Government House Ballroom
reviewed by Neville Cohn
For more than three decades, I have attended all manner of performances at Government House Ballroom, mostly in connection with PIAF productions in earlier years and, more recently, Music on the Terrace presentations.
On Sunday, I encountered a unique offering at that celebrated venue: noted travel writer Stephen Scourfield reading extracts from his books in conjunction with both music and dance. It was one of the most absorbing offerings I’ve encountered at GHB.
Wright’s service to Perth music is like a golden thread across the years. Here, he was at his impressive best in negotiating some of the most ferociously taxing music in the repertoire. Cruelly exposed at every turn, this is no-man’s-land to any but the most profound and adept of musicians.
In both tonal and stylistic terms, the music unfolded in a way that would surely have impressed the composer himself if, due to some miracle of time travel, the venerable J.S. himself had been able to attend this event. I cannot recall hearing Wright to better advantage. It was the perfect accompaniment to Scourfield’s fascinating forays into foreign fields.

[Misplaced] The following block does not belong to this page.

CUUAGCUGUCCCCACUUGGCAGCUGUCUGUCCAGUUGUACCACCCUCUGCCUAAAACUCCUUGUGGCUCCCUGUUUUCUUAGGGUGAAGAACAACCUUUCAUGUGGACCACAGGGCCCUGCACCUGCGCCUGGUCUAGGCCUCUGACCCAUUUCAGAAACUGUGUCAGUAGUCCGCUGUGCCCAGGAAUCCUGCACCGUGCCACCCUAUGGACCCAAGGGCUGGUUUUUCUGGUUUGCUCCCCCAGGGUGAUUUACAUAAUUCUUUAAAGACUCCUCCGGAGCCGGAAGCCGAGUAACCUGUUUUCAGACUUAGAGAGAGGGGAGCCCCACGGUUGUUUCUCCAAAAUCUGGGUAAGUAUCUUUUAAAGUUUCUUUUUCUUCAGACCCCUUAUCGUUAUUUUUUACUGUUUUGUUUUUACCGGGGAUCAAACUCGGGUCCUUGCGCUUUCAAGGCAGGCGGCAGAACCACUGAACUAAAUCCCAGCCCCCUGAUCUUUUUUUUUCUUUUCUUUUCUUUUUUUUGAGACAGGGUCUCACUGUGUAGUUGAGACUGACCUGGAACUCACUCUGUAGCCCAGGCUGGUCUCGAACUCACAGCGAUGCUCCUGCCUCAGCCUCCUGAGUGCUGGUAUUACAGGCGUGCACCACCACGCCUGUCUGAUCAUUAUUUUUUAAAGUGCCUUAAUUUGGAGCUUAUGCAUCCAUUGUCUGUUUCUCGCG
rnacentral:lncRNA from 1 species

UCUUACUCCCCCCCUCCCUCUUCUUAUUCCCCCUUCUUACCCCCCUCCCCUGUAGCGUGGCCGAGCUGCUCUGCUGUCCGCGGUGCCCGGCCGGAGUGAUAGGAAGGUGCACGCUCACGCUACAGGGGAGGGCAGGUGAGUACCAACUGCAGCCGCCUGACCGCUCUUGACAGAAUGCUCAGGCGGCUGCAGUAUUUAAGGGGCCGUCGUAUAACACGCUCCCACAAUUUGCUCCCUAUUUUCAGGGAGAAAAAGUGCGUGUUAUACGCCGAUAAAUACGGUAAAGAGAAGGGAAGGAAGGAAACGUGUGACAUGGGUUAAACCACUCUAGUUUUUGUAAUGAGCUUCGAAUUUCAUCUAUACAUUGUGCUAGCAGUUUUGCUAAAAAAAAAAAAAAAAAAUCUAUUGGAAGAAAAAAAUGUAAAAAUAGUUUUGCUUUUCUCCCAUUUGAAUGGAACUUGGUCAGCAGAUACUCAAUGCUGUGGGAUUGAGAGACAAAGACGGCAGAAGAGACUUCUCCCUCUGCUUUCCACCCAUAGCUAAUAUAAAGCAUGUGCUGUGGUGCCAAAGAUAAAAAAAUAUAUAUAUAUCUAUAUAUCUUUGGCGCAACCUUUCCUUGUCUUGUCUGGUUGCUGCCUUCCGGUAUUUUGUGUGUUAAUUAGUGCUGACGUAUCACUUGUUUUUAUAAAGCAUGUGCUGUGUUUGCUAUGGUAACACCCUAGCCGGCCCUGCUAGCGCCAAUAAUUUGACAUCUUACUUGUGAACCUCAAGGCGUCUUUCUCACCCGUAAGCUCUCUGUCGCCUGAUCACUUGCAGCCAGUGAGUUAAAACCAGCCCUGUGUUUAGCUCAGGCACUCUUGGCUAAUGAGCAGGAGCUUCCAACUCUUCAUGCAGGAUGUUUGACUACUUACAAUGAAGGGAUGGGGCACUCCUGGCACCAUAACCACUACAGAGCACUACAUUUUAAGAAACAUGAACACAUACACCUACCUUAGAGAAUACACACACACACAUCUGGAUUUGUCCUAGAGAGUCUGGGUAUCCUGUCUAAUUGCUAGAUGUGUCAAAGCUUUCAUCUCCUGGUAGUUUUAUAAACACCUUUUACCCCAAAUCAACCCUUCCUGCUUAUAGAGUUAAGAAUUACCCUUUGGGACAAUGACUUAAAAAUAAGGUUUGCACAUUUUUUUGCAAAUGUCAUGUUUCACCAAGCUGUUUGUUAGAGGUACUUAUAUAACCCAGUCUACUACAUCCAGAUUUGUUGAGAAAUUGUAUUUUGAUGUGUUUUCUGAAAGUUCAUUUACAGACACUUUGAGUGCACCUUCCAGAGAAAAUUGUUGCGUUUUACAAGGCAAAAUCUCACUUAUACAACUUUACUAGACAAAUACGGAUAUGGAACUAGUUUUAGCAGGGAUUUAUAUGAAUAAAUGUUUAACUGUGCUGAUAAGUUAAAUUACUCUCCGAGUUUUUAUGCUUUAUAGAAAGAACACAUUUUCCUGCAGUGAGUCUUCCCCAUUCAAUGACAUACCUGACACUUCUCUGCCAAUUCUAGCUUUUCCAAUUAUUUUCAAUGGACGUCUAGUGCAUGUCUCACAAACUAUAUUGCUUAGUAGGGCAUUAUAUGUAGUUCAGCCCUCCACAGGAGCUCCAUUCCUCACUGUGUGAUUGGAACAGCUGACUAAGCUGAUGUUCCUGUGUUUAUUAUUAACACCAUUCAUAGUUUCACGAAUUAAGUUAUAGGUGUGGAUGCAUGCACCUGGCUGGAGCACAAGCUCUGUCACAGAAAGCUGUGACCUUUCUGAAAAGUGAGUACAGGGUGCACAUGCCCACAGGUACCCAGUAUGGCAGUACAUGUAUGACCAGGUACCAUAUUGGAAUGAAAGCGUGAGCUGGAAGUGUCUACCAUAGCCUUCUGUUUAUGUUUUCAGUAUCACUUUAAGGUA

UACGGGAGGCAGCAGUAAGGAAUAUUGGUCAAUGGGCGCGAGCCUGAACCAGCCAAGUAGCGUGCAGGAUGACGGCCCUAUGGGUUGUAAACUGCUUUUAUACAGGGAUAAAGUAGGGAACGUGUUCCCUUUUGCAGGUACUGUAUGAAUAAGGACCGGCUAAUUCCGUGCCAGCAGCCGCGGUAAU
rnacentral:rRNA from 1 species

Because the stage is only very slightly raised, thus significantly limiting full view of on-stage action for those sitting further back than the first row, video screens on either side of the stage and also positioned strategically further back in the hall, enabled everyone to get an unobscured view of proceedings. This was especially welcome in the second half of the program in which Scourfield’s readings had a visual counterpoint in the remarkable Floeur Alder’s contribution.
Beneficiary of dance genes of high order – she is the daughter of the celebrated Lucette Aldous and Alan Alder – this young performer made magic visible. There was about her every gesture that quality of improvisation which, paradoxically, comes into being only after the most lengthy and focussed preparation. A faultless technique allied to a very real understanding of what works in choreographic responses to sound made this an experience to cherish.
Novel, intriguing and assured, this presentation had the stamp of distinction. I hope we see more of this remarkable artist; she clearly has much to offer.
An exquisitely subtle sonic background was provided by Ashley Smith (clarinet) and Louise Devenish (percussion) positioned in the side gallery of the venue, an excellent example of less being more. Words, movement, music: a delightful offering.
Rather unusually, in the second half of the performance, the drapes at the rear of the stage were drawn back enabling the audience to view part of Government House gardens through the rear windows, the outlook darkening as evening encroached.